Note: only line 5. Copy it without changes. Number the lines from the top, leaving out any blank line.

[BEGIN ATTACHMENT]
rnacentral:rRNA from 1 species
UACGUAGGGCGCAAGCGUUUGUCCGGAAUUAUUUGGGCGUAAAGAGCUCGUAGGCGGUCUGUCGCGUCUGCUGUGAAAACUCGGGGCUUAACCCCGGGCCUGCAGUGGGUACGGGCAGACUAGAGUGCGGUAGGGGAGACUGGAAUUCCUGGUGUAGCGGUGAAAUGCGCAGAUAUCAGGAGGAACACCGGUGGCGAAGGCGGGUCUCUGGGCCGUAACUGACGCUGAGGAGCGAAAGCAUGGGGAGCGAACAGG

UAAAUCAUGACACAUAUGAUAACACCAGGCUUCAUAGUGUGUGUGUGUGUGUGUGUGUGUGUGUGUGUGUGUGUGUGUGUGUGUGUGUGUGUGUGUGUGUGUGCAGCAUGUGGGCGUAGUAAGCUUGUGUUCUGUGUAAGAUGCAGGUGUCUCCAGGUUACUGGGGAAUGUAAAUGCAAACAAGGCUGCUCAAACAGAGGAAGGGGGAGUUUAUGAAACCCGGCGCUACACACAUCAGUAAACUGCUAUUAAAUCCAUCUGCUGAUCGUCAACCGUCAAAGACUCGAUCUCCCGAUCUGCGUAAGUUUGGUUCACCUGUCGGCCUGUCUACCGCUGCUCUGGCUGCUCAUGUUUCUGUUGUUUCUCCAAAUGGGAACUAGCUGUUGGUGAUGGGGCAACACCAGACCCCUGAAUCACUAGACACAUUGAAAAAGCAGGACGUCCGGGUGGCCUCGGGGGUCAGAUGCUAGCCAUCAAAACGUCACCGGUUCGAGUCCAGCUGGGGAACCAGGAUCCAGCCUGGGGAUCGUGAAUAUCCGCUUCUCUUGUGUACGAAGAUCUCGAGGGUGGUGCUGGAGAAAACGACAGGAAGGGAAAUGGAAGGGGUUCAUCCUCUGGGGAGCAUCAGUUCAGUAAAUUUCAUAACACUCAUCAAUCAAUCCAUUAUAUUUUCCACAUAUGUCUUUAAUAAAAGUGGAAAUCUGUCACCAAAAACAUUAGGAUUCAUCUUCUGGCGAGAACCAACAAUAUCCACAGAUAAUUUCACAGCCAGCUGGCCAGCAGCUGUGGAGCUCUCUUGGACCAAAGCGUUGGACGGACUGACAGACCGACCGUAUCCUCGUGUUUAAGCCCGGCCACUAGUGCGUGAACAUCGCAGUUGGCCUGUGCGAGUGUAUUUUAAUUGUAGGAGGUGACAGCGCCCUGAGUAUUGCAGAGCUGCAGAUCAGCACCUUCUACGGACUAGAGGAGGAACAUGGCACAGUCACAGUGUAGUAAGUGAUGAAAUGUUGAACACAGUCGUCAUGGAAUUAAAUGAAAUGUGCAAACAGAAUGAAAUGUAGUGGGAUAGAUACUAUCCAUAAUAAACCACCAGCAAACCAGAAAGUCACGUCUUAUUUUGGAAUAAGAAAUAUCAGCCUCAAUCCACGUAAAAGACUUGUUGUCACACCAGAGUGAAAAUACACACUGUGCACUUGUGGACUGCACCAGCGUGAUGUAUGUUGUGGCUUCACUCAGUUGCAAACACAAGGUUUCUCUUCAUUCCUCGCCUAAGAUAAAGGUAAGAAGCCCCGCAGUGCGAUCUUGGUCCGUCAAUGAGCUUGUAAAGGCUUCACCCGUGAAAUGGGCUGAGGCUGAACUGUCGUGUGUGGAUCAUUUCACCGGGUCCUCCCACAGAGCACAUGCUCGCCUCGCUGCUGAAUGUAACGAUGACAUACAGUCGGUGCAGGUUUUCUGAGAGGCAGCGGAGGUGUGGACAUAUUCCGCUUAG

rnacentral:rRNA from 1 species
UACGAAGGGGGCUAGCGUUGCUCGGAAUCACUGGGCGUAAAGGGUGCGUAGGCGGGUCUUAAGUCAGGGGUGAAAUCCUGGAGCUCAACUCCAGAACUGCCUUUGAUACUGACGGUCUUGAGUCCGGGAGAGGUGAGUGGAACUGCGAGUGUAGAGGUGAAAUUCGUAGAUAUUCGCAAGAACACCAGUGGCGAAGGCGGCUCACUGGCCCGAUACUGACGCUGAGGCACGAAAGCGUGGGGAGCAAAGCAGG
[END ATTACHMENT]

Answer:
UACGAAGGGGGCUAGCGUUGCUCGGAAUCACUGGGCGUAAAGGGUGCGUAGGCGGGUCUUAAGUCAGGGGUGAAAUCCUGGAGCUCAACUCCAGAACUGCCUUUGAUACUGACGGUCUUGAGUCCGGGAGAGGUGAGUGGAACUGCGAGUGUAGAGGUGAAAUUCGUAGAUAUUCGCAAGAACACCAGUGGCGAAGGCGGCUCACUGGCCCGAUACUGACGCUGAGGCACGAAAGCGUGGGGAGCAAAGCAGG